Energy

Wind power still 'hot' in ND

Nov 17, 2017
Prairie Public file

North Dakota’s Public Service Commissioners belive there is still a lot of interest in building wind power facilities in North Dakota.

The PSC this week worked on expanding three already-approved wind power projects, and is considering another one.

Commissioner Brian Kroshus said there’s no question it is being driven by the federal production tax credit – which is set to expire soon.

"When we visit with companies, they've indicated the expiring PTCs are playing a part in bringing this wind on line as quickly as they can," Kroshus said.

Oil movement by rail ticked up slightly in Sept.

Nov 17, 2017

Shipments of oil by rail ticked up a little during the month of September.

The oil was shipped to East Coast refineries.

The amount of Bakken crude shipped by rail has been dropping because of pipeline infrastructure – most notably the Dakota Access Pipeline.

North Dakota Pipeline Authority director Justin Kringstad said in September oil companies were dealing with the after affects of hurricanes.

"Hurricane Maria impacted deliveries of oil to the East Coast," Kringstad said. "The PADD 1 refineries are fully geared to handle Bakken crude deliveries by rail."

ND Department of Mineral Resources

Oil production in September ticked up again.

Production that month went back over 1.1 million barrels a day.

"It's been a year and a half since we saw production over 1.1 million barrels a day," said North Dakota Mineral Resources director Lynn Helms in his monthly "Director's Cut" report. "The last time was March of 2016."

But natural gas production dropped slightly, meaning more gas was flared.

"That hasn't happened since November, 2014," Helms said.

Tracie Bettenhausen / Basin Electric

The general manager of Basin Electric Power Cooperative said coal is facing continued challenges in the marketplace.

Paul Sukut said the challenge is coal’s competitiveness – by other sources, such as wind and natural gas.

"Our members made an investment 30 years ago in those coal plants," Sukut said in an interview with Prairie Public. "They still have debt, and they do have economic life. So we're challenges to try and tease as much economic life as we can out of them."

Sukut said in some cases, it may mean temporarily taking coal plants off-line.

The Bakken Gears Up For Its Second Decade

Nov 10, 2017
Amy Sisk / Inside Energy

A decade into North Dakota’s shale fracking boom, the state consistently produces one million barrels of oil per day -- and officials here are looking to boost that number.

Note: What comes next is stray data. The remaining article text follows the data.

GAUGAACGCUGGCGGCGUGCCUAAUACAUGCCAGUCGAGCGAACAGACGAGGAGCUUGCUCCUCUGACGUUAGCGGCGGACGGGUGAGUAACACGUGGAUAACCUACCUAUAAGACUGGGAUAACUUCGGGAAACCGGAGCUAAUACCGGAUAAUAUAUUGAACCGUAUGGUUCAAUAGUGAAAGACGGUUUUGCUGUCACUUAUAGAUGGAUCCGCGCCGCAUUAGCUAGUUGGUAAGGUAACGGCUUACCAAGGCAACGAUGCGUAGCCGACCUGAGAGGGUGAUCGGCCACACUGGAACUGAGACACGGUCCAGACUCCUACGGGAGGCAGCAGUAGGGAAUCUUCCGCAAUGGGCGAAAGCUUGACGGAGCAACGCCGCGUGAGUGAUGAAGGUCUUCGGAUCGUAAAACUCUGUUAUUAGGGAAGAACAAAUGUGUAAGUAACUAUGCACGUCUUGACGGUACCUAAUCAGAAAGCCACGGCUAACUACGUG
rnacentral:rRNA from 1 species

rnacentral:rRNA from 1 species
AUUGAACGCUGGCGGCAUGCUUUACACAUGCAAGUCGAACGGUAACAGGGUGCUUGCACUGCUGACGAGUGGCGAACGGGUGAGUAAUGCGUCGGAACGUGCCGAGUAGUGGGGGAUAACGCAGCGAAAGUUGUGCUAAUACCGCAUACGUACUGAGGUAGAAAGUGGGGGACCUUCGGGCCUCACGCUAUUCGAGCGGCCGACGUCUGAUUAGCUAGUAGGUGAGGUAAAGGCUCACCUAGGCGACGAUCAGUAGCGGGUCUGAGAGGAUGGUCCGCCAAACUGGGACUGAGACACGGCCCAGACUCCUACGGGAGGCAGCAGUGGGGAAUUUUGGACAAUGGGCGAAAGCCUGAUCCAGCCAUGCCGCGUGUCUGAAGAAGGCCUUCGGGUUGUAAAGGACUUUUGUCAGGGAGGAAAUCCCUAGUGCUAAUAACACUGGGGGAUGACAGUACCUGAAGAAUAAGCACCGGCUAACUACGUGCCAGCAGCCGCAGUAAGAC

North Dakota is the nation’s second-biggest oil producer behind only Texas. This rural state has become a huge player not just on the national oil scene, but globally as well.

The governor here is dreaming even bigger: he wants to double North Dakota’s daily oil production.

Basin Electric Power Cooperative

The General Manager of Basin Electric Power Cooperative calls it an “evolution” for the Great Plains Synfuels Plant near Beulah.

The plant -- which was called the Dakota Coal Gasification plant, was built during a time of a natural gas shortage to convert lignite coal to synthetic natural gas.

Basin GM Paul Sukut said in a few weeks, a new urea fertilizer plant will start operating there.

The plant has been in the works for a few years. And now, Sukut said it’s ready to go.

Oil patch growth creates funding nightmare

Nov 7, 2017
Amy Sisk / Inside Energy

The decade-long shale fracking boom in North Dakota sent the population of oil patch communities soaring. These towns beefed up their public services to accommodate all the newcomers, but this sent their finances plummeting at a time when the price of oil tanked.

Now many oil patch cities are tens or even hundreds of millions of dollars in debt. They’re looking for stable funding to pay back their loans while hoping all the new residents choose to stay.

Dave Thompson / Prairie Public

The North Dakota Public Service Commission hasn’t yet had a chance to look at Otter Tail Power Company’s proposed electric rate increase.

It would be its first increase in 10 years. And the paperwork was filed this week.

"They're looking for $13.1 million," Commissioner Brian Kroshus said. "That would be an 8.7% increase. It's definitely a sizable request."

The utility said it means an average residential customer would see their monthly bills go up by $11.50. For business customers, the increase would be about $22 a month.

Dave Thompson / Prairie Public

The North Dakota Public Service Commission has given its okay to Otter Tail Power for a North Dakota wind farm and a South Dakota Natural Gas power plant.

The two will replace an aging coal plant in Fergus Falls.

The natural gas plant will be built near Astoria, South Dakota – and the Merricourt Wind Farm will be built near Ashley.

"This is replacing the Hoot Lake facility in Fergus Falls (MN)," said Commissioner Brian Kroshus. "That plant, I believe, will be decommissioned in 2021."

ND Department of Mineral Resources

An oil company wants to try a new technique for enhanced oil recovery.

Liberty Resources will try it in a field near Tioga.

"They want to test what we traditionally would call a 'huff-and-puff' operation," State Mineral Resources director Lynn Helms told the North Dakota Industrial Commission.

The operation involves the injection of field-produced gas, with added hydrocarbons such as ethane or propane.

Pages